Harry W. Newman’s 1952 book Mareen Duvall of Middle Plantation covered his descendants. Among his most notable Duvall descendants were:
- Gabriel Duvall, a US Associate Supreme Court Justice from 1811 to 1835
- Isaac Duval, a brigadier general in the Union army during the Civil War
- Betty Duvall, a Confederate spy in the Civil War
- and (much later) the actor Robert Duvall.
One Duvall line, through John Miles Duvall and his son Jacob, migrated in the late 1780’s from Maryland to Kentucky where they eventually settled in Grayson county. John Miles had married into a Catholic family and Catholics were not particularly welcome in Maryland at that time.
“Family legend has John Miles Duvall dying in Virginia by drowning in the Potomac river around 1787. He was supposedly taking his family, along with several other Catholic families, to Kentucky.”
Kentucky is the state with the largest numbers of Duvalls today.
Virginia. Daniel Duval, another Huguenot known in France as Chevalier Duval, fled Normandy for England from where he departed on the Nassau in 1701 for Virginia. His line was covered in Bessie Grabowski’s 1931 book The DuVal Family of Virginia. Among his descendants were:
- William Pope Duval who was the first civilian Governor of Florida, holding the post from 1822 to 1834.
- and two of William’s sons who participated in the failed Texas Revolution against Mexico in 1835. Burr was executed, but John survived to make a name for himself as “the father of Texas literature.” Another son Thomas became a prominent Texas judge. Their story was told in Roy Swift’s 1995 book Civilizers: The DuVals of Texas.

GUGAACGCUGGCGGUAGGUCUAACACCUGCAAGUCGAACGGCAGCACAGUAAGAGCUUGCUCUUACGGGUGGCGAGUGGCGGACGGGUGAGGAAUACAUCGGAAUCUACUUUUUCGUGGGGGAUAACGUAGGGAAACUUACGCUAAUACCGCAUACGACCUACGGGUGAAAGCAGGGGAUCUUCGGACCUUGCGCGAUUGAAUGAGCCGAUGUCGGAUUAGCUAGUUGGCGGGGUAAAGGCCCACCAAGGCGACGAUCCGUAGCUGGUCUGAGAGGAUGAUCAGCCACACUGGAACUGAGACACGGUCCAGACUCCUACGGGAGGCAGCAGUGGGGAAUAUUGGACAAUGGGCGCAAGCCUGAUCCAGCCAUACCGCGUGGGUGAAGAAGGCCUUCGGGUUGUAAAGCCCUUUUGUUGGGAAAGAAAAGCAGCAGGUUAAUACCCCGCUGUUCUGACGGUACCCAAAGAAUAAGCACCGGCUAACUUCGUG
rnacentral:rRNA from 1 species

Other Sightings. William Devol from Lincolnshire came to America in 1640 and settled in Rhode Island. He was said to have been of Huguenot origin. It looks like some of his descendants became Davall or Duvall:
- the Davalls of Sag Harbor, Long Island included in their number Captain John Davall who was killed in Savannah, Georgia in 1801 by the accidental firing of a cannon during the July 4th celebrations.
- while George Duvall from Rhode Island settled in Shelter Island in the 1860’s. Ralph Duvall wrote a history of the island in 1932.
Dr. Jean Formy-Duval fled Revolutionary France for Haiti and ended up around 1795 in Columbus county, North Carolina. He was an early cotton planter there. His son John settled in Florida and fought on the Confederate side in the Civil War. Some descendants shortened their surname to Duval.
Canadian Duvals crossed the border into America. Included in their number were the descendants of early immigrant Pierre Thuot dit Duval – some of them migrating to Monroe county, Michigan near Detroit in the late 1700’s while Charles and Sarah Duval arrived in Wisconsin in 1873.
Duvals and Duvalls Today
Claude Du Vall the Highwayman. Claude Du Vall, the gentleman highwayman, was hanged at Tyburn in January 1670
and reportedly buried under the centre aisle of the church of St. Paul’s, Covent Garden. A memorial at the church reads:
- “Here lies DuVall: reader, if male thou art,
- Look to thy purse; if female, to thy heart.
- Much havoc has he made of both; for all
- Men he made to stand, and women he made to fall
- The second Conqueror of the Norman race,
- Knights to his arm did yield, and ladies to his face.
- Old Tyburn’s glory; England’s illustrious thief,